As better seen in FIG. 4, channel 34 and 38 comprise circular channels which extend around the full circumferences of their respective diameters presenting a toroidal configuration when viewed axially. This double-channel reinforced chime juncture is able to withstand corner impact of normal handling without denting and, is able to withstand internal vacuum or pressure conditions without permanent distortion of chime or endwall configurations.
Endwall panel 22, which includes planar disc 50 and reinforcing rings 52,54, is able to flex inwardly and outwardly, with its center moving longitudinally along longitudinal axis 24 as indicated by arrows 56,58. This flexing action is made possible in large part due to a pivoting action about apex 40 of channel 38. Inner wall 32 has a spring-like action and moves slightly out of its longitudinal orientation at its lower end, toward and away from the central longitudinal axis 24, because of the pivoting action about apex 40 as the endwall 22 panel flexes. With internal vacuum, endwall panel 22 at planar disc 50 moves in the direction of arrow 56 and wall 32 is drawn toward axis 24. With internal pressure, endwall panel 22 at disc 50 moves in the direction of arrow 58 with wall 32 being urged away from axis 24 as planar disc 50 moves through its median point. This diaphragm-like action takes place without permanent distortion of chime juncture 26 or its contiguous structure.
Such flexing action is facilitated largely by the orientation of the inner wall 32 which is formed to return longitudinally from apex 40 toward the plane which includes apex 36 of channel 34. The major directional component of wall 32, as shown in radial cross-section is longitudinal. The desired flexing action about the pivot point represented by apex 40 would not be available if the major directional component of wall 32 were lateral, i.e. toward the central longitudinal axis 24 from apex 40. It should be noted that inner wall 32 returns a major portion of the longitudinal distance between apex 36 and apex 40. The amount of return of wall 32 can be varied by adjustable portions of the tooling of FIG. 3. However, the length of inner wall 32 is selected to be at least half the length of intermediate wall 30.
The spring-like action of inner wall 32 provided by the invention prevents permanent distortion of intermediate wall 30. The structural integrity thus maintained in channel 34 provides dent-proof characteristics at the bottom edge of the can body which would not otherwise be available.
Further, endwall panel 22 is provided with reinforcing profiling, such as rings 52,54, which add to its strength and help facilitate the flexing action. These advantages are afforded without significant sacrifice of container capacity.
Provision also is made for the added diameter of the double seam conventionally used for securing an endwall closure to the open end of the can body. In the manufacture of two-piece beverage containers, the problem of differing top and bottom diameters is solved by necking-in the top edge of the seamless can body to accommodate the added diameter of the top closure chime seam. However many sanitary cans are used for semi-solid materials, for example gels, where a restriction in diameter at the end of the can which is opened would not be desirable.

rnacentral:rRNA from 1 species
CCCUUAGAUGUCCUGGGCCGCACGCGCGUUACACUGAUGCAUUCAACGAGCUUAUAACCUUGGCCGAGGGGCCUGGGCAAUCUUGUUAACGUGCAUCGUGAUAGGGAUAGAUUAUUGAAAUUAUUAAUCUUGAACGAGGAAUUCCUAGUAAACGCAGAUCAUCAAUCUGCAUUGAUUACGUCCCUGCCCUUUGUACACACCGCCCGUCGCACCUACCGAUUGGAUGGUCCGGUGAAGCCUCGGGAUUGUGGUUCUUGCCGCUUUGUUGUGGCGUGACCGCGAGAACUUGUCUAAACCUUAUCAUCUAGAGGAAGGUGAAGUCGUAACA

In FIG. 5, endwall closure 60 has been added to a seamless can body. In order to accommodate the added diameter of double seam 62, to provide a can which will roll in a straight line, and to accommodate labelling, a bead 64 is roll formed in the sidewall contiguous to the seamless chime juncture 26. Sidewall bead 64 extends 62. outwardly from sidewall 20 a distance equal to the increased diamedral dimension presented by endwall closure double seam 62,.
In order to strengthen the sidewall 20 of the container of FIG. 5, i.e. provide protection against vacuum implosion of the sidewall, reinforcing ribs 64,66,68 are roll formed in the sidewall. These permit use of lighter gage material, especially for extended height cans.
In practice of the invention, typical thickness gages for standard commercial can sized would be as follows:
______________________________________ Steel Aluminum______________________________________sidewall .006" to .012" .007" to .015" (.152 mm to .304 mm) (.176 mm to .381 mm)endwall .006" to .012" .007" to .015" (.152 mm to .304 mm) (.176 mm to .381 mm)closure endwall .008" to .011" .010" to .013" (.203 mm to .279 mm) (.254 mm to .330 mm)______________________________________
In the manufacture of a 3.33 inches (8.33 cm) diameter can body, intermediate wall 30 would have a diameter of approximately 3.07 inches (7.79 cm), inner wall 32 would have a diameter of about 2.9 inches (7.36 cm), and reinforcing ribs 52 and 54 would have centerline diameters of approximately 2.28 inches (5.79 cm) and 1.77 inches (4.49 cm) respectively. The distance longitudinally between apex 36 and apex 40 would be approximately 0.1 inches (0.25 cm). Inner wall 32 returns longitudinally toward the plane of apex 36 approximately 0.06 inches (0.15 cm).
In the light of the present teachings, other gages, materials, and dimensions are readily available to those skilled in the art without departing from the inventive concept, therefore the scope of the invention should be determined from the appended claims.